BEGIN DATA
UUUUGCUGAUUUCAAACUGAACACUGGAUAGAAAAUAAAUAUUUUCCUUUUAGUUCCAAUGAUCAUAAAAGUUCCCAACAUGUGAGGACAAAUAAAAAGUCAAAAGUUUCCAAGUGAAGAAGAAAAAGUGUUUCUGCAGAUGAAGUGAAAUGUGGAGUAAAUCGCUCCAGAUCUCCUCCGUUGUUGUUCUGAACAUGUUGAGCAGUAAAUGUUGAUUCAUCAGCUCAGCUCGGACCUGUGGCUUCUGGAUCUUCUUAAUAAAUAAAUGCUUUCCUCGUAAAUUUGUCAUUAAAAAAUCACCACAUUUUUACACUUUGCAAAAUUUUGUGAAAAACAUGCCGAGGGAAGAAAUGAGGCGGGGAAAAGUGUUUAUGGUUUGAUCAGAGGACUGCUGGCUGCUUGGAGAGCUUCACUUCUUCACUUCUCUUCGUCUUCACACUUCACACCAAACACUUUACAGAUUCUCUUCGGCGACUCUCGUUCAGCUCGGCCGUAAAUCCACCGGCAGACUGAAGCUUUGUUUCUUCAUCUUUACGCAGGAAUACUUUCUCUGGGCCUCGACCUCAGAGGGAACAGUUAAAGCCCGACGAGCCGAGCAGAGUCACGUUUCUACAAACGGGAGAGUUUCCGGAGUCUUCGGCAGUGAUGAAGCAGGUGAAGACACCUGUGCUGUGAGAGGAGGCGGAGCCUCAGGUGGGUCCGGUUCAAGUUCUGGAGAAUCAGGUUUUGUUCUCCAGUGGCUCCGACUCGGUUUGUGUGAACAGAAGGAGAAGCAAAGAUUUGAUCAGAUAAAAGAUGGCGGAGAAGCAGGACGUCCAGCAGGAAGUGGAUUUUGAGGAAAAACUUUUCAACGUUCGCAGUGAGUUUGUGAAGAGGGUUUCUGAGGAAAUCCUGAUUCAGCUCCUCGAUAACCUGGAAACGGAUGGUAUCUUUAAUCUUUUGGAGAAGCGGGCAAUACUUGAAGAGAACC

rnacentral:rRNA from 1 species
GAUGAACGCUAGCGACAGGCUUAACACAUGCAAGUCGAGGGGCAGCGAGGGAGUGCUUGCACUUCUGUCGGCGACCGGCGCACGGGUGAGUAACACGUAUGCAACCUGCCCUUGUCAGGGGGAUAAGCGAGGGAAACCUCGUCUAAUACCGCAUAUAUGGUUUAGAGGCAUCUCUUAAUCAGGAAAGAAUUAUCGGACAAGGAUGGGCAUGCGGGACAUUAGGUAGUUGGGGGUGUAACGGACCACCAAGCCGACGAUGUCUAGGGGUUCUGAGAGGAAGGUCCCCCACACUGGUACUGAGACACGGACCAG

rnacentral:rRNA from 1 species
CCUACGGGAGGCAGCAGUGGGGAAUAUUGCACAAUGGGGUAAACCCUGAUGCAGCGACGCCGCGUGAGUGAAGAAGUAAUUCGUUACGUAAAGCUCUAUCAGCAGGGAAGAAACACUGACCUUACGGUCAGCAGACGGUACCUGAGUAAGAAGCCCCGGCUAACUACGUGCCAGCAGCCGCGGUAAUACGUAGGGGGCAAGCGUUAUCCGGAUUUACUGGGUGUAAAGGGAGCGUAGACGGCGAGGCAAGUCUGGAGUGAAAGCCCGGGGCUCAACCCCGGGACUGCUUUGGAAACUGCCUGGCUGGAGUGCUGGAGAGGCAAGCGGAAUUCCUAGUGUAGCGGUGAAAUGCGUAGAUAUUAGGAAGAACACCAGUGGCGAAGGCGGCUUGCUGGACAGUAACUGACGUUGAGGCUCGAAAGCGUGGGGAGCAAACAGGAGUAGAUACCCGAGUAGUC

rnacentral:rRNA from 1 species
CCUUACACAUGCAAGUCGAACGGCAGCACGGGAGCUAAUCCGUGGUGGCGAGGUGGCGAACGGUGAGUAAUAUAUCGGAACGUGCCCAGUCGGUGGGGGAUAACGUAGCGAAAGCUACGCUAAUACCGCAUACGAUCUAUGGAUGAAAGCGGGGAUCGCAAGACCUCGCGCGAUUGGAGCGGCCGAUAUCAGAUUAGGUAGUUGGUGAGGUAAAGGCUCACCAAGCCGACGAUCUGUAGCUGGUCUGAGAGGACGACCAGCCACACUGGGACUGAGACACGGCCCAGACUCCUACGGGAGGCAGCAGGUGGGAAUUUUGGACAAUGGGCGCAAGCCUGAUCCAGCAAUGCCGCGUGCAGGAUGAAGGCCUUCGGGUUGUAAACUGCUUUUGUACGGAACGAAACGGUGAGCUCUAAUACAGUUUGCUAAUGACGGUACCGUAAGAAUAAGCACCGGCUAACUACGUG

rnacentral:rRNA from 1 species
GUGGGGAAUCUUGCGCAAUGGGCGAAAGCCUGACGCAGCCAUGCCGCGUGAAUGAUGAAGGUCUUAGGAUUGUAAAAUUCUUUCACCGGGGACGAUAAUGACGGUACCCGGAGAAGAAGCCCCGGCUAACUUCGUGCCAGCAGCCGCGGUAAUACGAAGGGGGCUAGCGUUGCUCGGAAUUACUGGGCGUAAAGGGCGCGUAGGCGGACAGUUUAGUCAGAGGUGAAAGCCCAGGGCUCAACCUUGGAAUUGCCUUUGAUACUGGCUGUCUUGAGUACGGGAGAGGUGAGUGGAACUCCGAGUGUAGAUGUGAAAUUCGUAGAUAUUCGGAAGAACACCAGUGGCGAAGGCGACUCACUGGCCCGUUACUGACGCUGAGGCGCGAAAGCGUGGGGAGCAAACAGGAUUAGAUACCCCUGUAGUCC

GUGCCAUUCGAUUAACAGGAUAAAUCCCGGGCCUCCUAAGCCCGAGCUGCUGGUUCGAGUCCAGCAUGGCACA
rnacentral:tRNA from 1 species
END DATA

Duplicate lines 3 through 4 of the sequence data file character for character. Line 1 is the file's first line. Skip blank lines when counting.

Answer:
GAUGAACGCUAGCGACAGGCUUAACACAUGCAAGUCGAGGGGCAGCGAGGGAGUGCUUGCACUUCUGUCGGCGACCGGCGCACGGGUGAGUAACACGUAUGCAACCUGCCCUUGUCAGGGGGAUAAGCGAGGGAAACCUCGUCUAAUACCGCAUAUAUGGUUUAGAGGCAUCUCUUAAUCAGGAAAGAAUUAUCGGACAAGGAUGGGCAUGCGGGACAUUAGGUAGUUGGGGGUGUAACGGACCACCAAGCCGACGAUGUCUAGGGGUUCUGAGAGGAAGGUCCCCCACACUGGUACUGAGACACGGACCAG

rnacentral:rRNA from 1 species